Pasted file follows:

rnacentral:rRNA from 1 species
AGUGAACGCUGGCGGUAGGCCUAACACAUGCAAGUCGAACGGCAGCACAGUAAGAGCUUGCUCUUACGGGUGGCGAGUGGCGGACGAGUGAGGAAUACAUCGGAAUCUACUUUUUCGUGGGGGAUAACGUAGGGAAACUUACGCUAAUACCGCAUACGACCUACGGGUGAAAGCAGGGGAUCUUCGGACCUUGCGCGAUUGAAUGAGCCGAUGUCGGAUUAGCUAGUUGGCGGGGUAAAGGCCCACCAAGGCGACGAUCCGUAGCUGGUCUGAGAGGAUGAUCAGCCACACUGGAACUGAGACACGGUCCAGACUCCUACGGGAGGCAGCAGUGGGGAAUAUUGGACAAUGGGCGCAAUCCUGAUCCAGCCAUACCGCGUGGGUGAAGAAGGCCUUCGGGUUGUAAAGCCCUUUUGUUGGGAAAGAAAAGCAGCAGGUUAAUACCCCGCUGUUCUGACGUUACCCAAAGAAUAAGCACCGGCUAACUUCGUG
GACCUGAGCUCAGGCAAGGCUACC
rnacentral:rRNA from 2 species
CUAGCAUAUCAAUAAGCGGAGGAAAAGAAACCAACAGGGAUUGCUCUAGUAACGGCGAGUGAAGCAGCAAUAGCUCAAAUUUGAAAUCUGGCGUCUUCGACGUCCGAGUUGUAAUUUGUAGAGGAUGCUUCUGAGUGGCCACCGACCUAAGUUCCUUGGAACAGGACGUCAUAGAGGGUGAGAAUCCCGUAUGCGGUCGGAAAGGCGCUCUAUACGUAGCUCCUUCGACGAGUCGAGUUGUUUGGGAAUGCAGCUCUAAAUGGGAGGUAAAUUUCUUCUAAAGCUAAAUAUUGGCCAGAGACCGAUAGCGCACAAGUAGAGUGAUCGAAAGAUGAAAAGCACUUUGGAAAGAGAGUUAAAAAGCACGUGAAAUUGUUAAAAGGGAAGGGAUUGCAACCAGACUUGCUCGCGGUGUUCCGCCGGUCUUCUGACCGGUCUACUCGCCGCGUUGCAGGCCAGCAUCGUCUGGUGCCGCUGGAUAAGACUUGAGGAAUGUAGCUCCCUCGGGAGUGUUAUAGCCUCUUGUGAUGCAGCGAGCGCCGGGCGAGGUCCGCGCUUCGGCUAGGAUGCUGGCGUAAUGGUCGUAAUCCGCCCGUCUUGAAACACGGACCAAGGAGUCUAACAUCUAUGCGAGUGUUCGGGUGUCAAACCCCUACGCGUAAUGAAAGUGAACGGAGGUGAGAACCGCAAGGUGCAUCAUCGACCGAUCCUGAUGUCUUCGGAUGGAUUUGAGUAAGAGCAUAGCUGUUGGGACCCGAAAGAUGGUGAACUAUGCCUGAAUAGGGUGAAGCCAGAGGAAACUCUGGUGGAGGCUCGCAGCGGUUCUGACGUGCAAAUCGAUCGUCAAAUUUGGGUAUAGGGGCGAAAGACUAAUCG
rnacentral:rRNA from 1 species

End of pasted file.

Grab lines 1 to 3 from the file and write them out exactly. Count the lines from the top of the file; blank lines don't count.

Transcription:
rnacentral:rRNA from 1 species
AGUGAACGCUGGCGGUAGGCCUAACACAUGCAAGUCGAACGGCAGCACAGUAAGAGCUUGCUCUUACGGGUGGCGAGUGGCGGACGAGUGAGGAAUACAUCGGAAUCUACUUUUUCGUGGGGGAUAACGUAGGGAAACUUACGCUAAUACCGCAUACGACCUACGGGUGAAAGCAGGGGAUCUUCGGACCUUGCGCGAUUGAAUGAGCCGAUGUCGGAUUAGCUAGUUGGCGGGGUAAAGGCCCACCAAGGCGACGAUCCGUAGCUGGUCUGAGAGGAUGAUCAGCCACACUGGAACUGAGACACGGUCCAGACUCCUACGGGAGGCAGCAGUGGGGAAUAUUGGACAAUGGGCGCAAUCCUGAUCCAGCCAUACCGCGUGGGUGAAGAAGGCCUUCGGGUUGUAAAGCCCUUUUGUUGGGAAAGAAAAGCAGCAGGUUAAUACCCCGCUGUUCUGACGUUACCCAAAGAAUAAGCACCGGCUAACUUCGUG
GACCUGAGCUCAGGCAAGGCUACC